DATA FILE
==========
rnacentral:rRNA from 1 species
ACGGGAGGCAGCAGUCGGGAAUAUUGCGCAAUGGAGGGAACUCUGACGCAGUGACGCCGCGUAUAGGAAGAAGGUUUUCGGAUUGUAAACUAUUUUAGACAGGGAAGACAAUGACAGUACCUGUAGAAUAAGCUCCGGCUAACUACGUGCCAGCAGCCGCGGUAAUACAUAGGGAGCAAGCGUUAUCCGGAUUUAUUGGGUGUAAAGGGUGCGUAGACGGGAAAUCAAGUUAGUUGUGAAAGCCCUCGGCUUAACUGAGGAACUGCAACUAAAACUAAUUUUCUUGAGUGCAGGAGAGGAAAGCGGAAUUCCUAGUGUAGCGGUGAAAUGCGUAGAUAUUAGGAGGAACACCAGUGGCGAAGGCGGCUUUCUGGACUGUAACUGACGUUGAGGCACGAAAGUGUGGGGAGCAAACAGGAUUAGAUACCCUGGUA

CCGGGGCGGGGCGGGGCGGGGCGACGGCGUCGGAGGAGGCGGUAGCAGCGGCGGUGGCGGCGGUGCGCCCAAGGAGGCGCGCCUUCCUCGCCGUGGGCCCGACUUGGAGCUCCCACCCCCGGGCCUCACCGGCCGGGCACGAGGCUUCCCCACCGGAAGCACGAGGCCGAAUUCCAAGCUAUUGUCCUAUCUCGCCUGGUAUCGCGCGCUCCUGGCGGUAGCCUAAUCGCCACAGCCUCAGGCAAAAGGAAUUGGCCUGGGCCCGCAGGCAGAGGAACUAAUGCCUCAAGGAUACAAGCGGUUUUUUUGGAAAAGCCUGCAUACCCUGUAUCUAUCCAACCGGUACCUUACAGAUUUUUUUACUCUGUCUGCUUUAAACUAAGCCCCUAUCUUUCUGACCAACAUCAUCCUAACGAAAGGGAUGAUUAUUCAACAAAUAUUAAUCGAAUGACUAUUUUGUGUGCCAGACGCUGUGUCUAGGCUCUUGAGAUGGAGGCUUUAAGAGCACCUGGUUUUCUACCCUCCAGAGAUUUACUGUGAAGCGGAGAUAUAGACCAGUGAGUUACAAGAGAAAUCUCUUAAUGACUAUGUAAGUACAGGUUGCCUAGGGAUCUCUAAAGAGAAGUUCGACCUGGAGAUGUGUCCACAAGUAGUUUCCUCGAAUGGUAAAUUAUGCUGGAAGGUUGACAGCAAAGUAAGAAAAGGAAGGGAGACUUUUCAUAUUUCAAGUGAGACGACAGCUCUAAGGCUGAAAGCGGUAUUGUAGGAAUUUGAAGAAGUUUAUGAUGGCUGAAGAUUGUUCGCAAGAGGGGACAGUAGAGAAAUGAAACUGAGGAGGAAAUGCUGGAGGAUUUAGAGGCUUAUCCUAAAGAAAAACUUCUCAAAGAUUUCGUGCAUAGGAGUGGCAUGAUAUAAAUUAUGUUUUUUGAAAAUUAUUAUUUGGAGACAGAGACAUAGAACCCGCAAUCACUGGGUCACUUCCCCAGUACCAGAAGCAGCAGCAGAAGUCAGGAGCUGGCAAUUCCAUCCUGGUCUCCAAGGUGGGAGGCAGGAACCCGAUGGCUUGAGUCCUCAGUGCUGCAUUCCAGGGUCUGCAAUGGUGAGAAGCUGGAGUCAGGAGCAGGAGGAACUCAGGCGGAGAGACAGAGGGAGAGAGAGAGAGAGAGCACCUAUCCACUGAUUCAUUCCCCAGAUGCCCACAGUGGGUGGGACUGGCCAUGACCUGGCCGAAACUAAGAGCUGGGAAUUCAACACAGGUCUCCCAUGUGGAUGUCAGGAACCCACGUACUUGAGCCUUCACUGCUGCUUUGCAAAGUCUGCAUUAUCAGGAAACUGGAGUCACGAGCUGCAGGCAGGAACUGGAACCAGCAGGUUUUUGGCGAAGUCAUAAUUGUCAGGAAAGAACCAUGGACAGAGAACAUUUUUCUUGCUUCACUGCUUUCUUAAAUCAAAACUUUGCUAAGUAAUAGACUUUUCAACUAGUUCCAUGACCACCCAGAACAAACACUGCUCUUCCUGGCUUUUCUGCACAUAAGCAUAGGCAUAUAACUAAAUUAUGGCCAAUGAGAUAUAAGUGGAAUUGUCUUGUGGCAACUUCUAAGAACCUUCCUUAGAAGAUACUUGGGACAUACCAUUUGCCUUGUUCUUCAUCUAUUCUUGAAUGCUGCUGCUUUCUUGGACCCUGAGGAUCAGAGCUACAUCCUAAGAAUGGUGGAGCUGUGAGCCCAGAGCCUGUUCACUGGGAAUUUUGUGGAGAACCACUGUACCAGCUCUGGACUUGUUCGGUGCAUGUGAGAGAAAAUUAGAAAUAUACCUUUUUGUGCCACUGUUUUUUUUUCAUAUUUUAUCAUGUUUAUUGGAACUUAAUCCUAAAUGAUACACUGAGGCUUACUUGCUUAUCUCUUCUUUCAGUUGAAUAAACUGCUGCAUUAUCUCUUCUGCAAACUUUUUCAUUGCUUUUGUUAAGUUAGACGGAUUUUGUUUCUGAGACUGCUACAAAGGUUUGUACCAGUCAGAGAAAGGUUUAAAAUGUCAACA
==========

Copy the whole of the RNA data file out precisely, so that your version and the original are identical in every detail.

rnacentral:rRNA from 1 species
ACGGGAGGCAGCAGUCGGGAAUAUUGCGCAAUGGAGGGAACUCUGACGCAGUGACGCCGCGUAUAGGAAGAAGGUUUUCGGAUUGUAAACUAUUUUAGACAGGGAAGACAAUGACAGUACCUGUAGAAUAAGCUCCGGCUAACUACGUGCCAGCAGCCGCGGUAAUACAUAGGGAGCAAGCGUUAUCCGGAUUUAUUGGGUGUAAAGGGUGCGUAGACGGGAAAUCAAGUUAGUUGUGAAAGCCCUCGGCUUAACUGAGGAACUGCAACUAAAACUAAUUUUCUUGAGUGCAGGAGAGGAAAGCGGAAUUCCUAGUGUAGCGGUGAAAUGCGUAGAUAUUAGGAGGAACACCAGUGGCGAAGGCGGCUUUCUGGACUGUAACUGACGUUGAGGCACGAAAGUGUGGGGAGCAAACAGGAUUAGAUACCCUGGUA

CCGGGGCGGGGCGGGGCGGGGCGACGGCGUCGGAGGAGGCGGUAGCAGCGGCGGUGGCGGCGGUGCGCCCAAGGAGGCGCGCCUUCCUCGCCGUGGGCCCGACUUGGAGCUCCCACCCCCGGGCCUCACCGGCCGGGCACGAGGCUUCCCCACCGGAAGCACGAGGCCGAAUUCCAAGCUAUUGUCCUAUCUCGCCUGGUAUCGCGCGCUCCUGGCGGUAGCCUAAUCGCCACAGCCUCAGGCAAAAGGAAUUGGCCUGGGCCCGCAGGCAGAGGAACUAAUGCCUCAAGGAUACAAGCGGUUUUUUUGGAAAAGCCUGCAUACCCUGUAUCUAUCCAACCGGUACCUUACAGAUUUUUUUACUCUGUCUGCUUUAAACUAAGCCCCUAUCUUUCUGACCAACAUCAUCCUAACGAAAGGGAUGAUUAUUCAACAAAUAUUAAUCGAAUGACUAUUUUGUGUGCCAGACGCUGUGUCUAGGCUCUUGAGAUGGAGGCUUUAAGAGCACCUGGUUUUCUACCCUCCAGAGAUUUACUGUGAAGCGGAGAUAUAGACCAGUGAGUUACAAGAGAAAUCUCUUAAUGACUAUGUAAGUACAGGUUGCCUAGGGAUCUCUAAAGAGAAGUUCGACCUGGAGAUGUGUCCACAAGUAGUUUCCUCGAAUGGUAAAUUAUGCUGGAAGGUUGACAGCAAAGUAAGAAAAGGAAGGGAGACUUUUCAUAUUUCAAGUGAGACGACAGCUCUAAGGCUGAAAGCGGUAUUGUAGGAAUUUGAAGAAGUUUAUGAUGGCUGAAGAUUGUUCGCAAGAGGGGACAGUAGAGAAAUGAAACUGAGGAGGAAAUGCUGGAGGAUUUAGAGGCUUAUCCUAAAGAAAAACUUCUCAAAGAUUUCGUGCAUAGGAGUGGCAUGAUAUAAAUUAUGUUUUUUGAAAAUUAUUAUUUGGAGACAGAGACAUAGAACCCGCAAUCACUGGGUCACUUCCCCAGUACCAGAAGCAGCAGCAGAAGUCAGGAGCUGGCAAUUCCAUCCUGGUCUCCAAGGUGGGAGGCAGGAACCCGAUGGCUUGAGUCCUCAGUGCUGCAUUCCAGGGUCUGCAAUGGUGAGAAGCUGGAGUCAGGAGCAGGAGGAACUCAGGCGGAGAGACAGAGGGAGAGAGAGAGAGAGAGCACCUAUCCACUGAUUCAUUCCCCAGAUGCCCACAGUGGGUGGGACUGGCCAUGACCUGGCCGAAACUAAGAGCUGGGAAUUCAACACAGGUCUCCCAUGUGGAUGUCAGGAACCCACGUACUUGAGCCUUCACUGCUGCUUUGCAAAGUCUGCAUUAUCAGGAAACUGGAGUCACGAGCUGCAGGCAGGAACUGGAACCAGCAGGUUUUUGGCGAAGUCAUAAUUGUCAGGAAAGAACCAUGGACAGAGAACAUUUUUCUUGCUUCACUGCUUUCUUAAAUCAAAACUUUGCUAAGUAAUAGACUUUUCAACUAGUUCCAUGACCACCCAGAACAAACACUGCUCUUCCUGGCUUUUCUGCACAUAAGCAUAGGCAUAUAACUAAAUUAUGGCCAAUGAGAUAUAAGUGGAAUUGUCUUGUGGCAACUUCUAAGAACCUUCCUUAGAAGAUACUUGGGACAUACCAUUUGCCUUGUUCUUCAUCUAUUCUUGAAUGCUGCUGCUUUCUUGGACCCUGAGGAUCAGAGCUACAUCCUAAGAAUGGUGGAGCUGUGAGCCCAGAGCCUGUUCACUGGGAAUUUUGUGGAGAACCACUGUACCAGCUCUGGACUUGUUCGGUGCAUGUGAGAGAAAAUUAGAAAUAUACCUUUUUGUGCCACUGUUUUUUUUUCAUAUUUUAUCAUGUUUAUUGGAACUUAAUCCUAAAUGAUACACUGAGGCUUACUUGCUUAUCUCUUCUUUCAGUUGAAUAAACUGCUGCAUUAUCUCUUCUGCAAACUUUUUCAUUGCUUUUGUUAAGUUAGACGGAUUUUGUUUCUGAGACUGCUACAAAGGUUUGUACCAGUCAGAGAAAGGUUUAAAAUGUCAACA